In general, in the case where there is payment in full or the case of a partial payment under an enforceable written settlement agreement, the risks I write about above will be resolved. I have never experienced an instance where a Chinese entity took anyone hostage or pressed for an exit ban after getting paid and signing an enforceable written settlement agreement. For this reason, even though our China lawyers have drafted dozens of these settlement agreements, none of us have any experience in having to provide one of these settlement agreements to PRC authorities to try to convince them to free a hostage or lift an exit ban after a formal settlement has been reached.
But on the flip side we also have a lot of experience with companies that have either made a partial payment to their Chinese factory without getting a written settlement agreement or gotten a written settlement agreement that does not comply with the two rules set forth above. Our experience in these situations has been uniformly bad, and in most instances those companies have had to pay the full amount allegedly owed (and fast) to resolve their crisis situation.
Even in those cases where the reason for non-payment is because of product defects, no authority in the PRC will accept a simple claim from the buyer on this issue. The only way to be sure the PRC authorities will take any notice of the defect claim is by the buyer filing a lawsuit in its home country or (even better) in China making a claim for the defect. Anything short of that will simply be ignored. You can show the Chinese authorities hundreds of emails and they will be ignored. You can show them an inspection report and that will be ignored. The only thing they will get their attention is a formal lawsuit with service pursuant to the Hague Convention brought by you against your China supplier. We have done many kidnapping negotiations where our buyer-clients believed they could make the claim that nothing was owed due to defect. This claim never works. The police just laugh and walk away. The local government officials just hang up the phone. On the other hand, presenting evidence of formal legal proceedings where service was properly provided has always worked. Sinosure is not much different, though (at least as far as I know) they don’t take human hostages.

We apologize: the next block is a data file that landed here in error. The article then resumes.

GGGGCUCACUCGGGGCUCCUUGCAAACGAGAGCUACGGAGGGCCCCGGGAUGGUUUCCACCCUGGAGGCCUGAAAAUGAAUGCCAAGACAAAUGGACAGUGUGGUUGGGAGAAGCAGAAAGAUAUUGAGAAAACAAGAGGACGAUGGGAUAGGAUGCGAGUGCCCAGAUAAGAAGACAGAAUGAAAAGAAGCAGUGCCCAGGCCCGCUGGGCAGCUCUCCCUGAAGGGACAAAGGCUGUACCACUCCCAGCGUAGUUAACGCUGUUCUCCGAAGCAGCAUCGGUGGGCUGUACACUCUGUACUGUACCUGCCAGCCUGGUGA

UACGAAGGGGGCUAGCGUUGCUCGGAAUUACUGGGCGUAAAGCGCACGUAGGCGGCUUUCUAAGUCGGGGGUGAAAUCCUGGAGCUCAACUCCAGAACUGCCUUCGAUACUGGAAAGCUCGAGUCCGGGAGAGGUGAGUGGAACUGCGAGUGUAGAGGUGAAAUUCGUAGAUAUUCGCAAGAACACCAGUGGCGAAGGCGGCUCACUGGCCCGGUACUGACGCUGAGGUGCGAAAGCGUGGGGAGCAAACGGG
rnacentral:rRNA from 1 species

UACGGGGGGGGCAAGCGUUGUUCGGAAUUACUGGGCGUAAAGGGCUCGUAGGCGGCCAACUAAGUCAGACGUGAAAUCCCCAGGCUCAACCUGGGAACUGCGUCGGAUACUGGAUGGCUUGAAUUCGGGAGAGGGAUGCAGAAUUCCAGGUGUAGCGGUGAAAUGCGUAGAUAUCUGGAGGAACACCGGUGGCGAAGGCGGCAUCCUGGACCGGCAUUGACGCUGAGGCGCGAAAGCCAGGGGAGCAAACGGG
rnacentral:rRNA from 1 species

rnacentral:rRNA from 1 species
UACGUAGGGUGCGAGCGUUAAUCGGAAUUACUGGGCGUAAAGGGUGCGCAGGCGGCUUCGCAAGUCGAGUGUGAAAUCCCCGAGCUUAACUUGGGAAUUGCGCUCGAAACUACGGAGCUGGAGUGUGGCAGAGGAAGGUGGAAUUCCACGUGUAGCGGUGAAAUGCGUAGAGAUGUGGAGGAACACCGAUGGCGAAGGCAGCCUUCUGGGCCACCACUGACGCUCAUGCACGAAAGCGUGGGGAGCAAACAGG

As they say on the cop shows, “Let’s be careful out there.”
For more on China hostage situations and exit bans check out China Hostage Situations With a New Twist and Meng Wenzhou, the Two Michaels and China Hostage Taking: What YOU Need to Know.